After a cordial Oval Office meeting with President Obama, the incoming 45th commander in chief doesn't seem so inclined to pull the plug on the health care program.
Repeal and replace the Affordable Care Act (ACA) was one of Donald J. Trump's core campaign messages. As soon as the election results seemed clear, opponents of Obamacare, as the health program is popularly known, were exultant.
With a Republican president joining the GOP-controlled House and Senate, Obamacare surely was on life support until Trump is sworn in.
After all, the House has voted to repeal it 60 (or more by some counts) times, the Senate once. The one time earlier this year when both chambers agreed and sent a repeal bill to Obama, he vetoed it.
That wouldn't happen with Trump in office, right?
Not so fast: Hmm, slow your roll Congressional Republicans. Your Party's incoming president seems to have softened somewhat on Obamacare, at least as far as some of its provisions.
In his first interview since the election, the president-elect told the Wall Street Journal that while moving "quickly" on Obama's signature health initiative still was a priority, he would consider leaving certain parts of the ACA in place.
Trump told the newspaper that he favors keeping the provision that prohibits insurers from denying coverage because of patients' existing conditions, as well as the rule that allows parents to keep their young adult children on their policies.
"I like those very much," Trump said.
Partial change of heart: So why the apparent change by Trump?
Maybe it was the private meeting with Obama. Perhaps the man who made health care reform his first big policy push was able to convince the man who will succeed him that it's a good idea whoever is in the Oval Office.
Maybe he meant it back in 1999 when, during a TV interview with Larry King, Trump said he was "very liberal when it comes to health care" and that he believes in "universal healthcare." He reiterated that in 2000 in his book "The America We Deserve," in which he wrote (with the help of author Dave Shiflett) that he supported a Canadian-style system, where the government acts as an insurer.
Even as recently as February, during a GOP primary rally in New Hampshire, Trump said he didn't support Obamacare, but added, "We do need health care for all people. What are we gonna do, let people die in the street?"
Or maybe he's already coming to realize that while it's easy to make major policy pronouncements, it's hard to actually implement major policy changes.
Repeal but no replacement yet: Again, look at Congress for examples. While the GOP House has the repeal portion down, it never really got around to the replacement promise. So there's work to be done there.
And it's not going to be easy.
Lots of Trump voters live in rural areas across the nation where, despite political opposition, the ACA has made health care coverage more available via a variety of means. Representatives and Senators can't just tell 20+/- million possible voters, "Sorry, no more insurance for all y'all."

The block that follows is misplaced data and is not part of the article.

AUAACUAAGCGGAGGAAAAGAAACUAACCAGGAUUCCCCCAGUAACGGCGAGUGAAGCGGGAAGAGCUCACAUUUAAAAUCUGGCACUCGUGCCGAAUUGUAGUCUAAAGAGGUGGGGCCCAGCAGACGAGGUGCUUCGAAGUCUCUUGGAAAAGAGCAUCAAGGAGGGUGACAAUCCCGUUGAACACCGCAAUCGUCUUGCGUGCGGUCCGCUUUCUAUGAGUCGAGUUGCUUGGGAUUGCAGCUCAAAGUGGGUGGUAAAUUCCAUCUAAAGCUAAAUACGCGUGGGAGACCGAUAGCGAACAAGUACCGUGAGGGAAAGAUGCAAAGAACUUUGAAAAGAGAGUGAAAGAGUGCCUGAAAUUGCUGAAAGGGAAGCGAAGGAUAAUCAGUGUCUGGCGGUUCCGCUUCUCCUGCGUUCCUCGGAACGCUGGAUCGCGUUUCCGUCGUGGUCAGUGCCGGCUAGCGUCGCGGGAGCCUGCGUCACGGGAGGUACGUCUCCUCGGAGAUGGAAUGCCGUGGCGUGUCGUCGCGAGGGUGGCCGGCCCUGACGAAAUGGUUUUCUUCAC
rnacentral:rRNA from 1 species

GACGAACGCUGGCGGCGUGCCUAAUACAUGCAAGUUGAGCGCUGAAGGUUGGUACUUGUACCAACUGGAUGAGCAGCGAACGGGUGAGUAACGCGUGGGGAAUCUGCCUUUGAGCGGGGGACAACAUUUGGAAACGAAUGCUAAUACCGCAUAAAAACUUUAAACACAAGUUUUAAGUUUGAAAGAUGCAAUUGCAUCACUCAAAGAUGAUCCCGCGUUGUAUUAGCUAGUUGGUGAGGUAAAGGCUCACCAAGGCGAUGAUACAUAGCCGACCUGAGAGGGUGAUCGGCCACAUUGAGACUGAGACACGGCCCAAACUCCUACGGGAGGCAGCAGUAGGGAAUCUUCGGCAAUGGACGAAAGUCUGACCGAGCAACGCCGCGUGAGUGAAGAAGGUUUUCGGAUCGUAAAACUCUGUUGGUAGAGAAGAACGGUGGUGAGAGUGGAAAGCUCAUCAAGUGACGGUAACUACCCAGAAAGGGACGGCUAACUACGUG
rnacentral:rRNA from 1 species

Then there's the insurance industry. For business rather than political reasons, these companies don't want to lose millions of customers.
Also the insurance sector has restructured itself, at least to a degree, around the ACA. Those business changes can't be reversed quickly.
So there's a lot of work left before any repeal, or more realistically, any changes to Obamacare can be made and put into action.
One thing I'm sure the Republicans will change, though, is the name.
Stay the ACA course for now: So what does that mean to you if you're looking at the marketplace for coverage? Go about your health insurance business as planned.
That's what lots of folks did the day after the election when Trump was at 1600 Pennsylvania meeting with Obama.
More than 100,000 people selected plans through HealthCare.gov on Nov. 10, according to the Department of Health and Human Services (HHS). That was the first day that the Obama administration actively began marketing its healthcare signup period this year, which began Nov. 1.
"Best day yet this Open Enrollment,” wrote HHS Secretary Sylvia Mathews Burwell via her Twitter account.
You'll want to make sure you have coverage because until Obamacare is off the books, you'll face some costly tax penalties if you and/or your family members go without insurance.
If you don't have acceptable health insurance, known as minimal essential coverage, in 2016, you'll face an increased shared responsibility payment when you file your taxes next year.
Those tax amounts are $695 per adult, along with $347 per dependent child young than 18, up to a maximum $2,085 per family.
One bit of good news here. If Obamacare's penalty provision is still in effect in 2017, low inflation means that the dollar amount used to calculate the no-coverage penalty remains at the 2016 level of $695.
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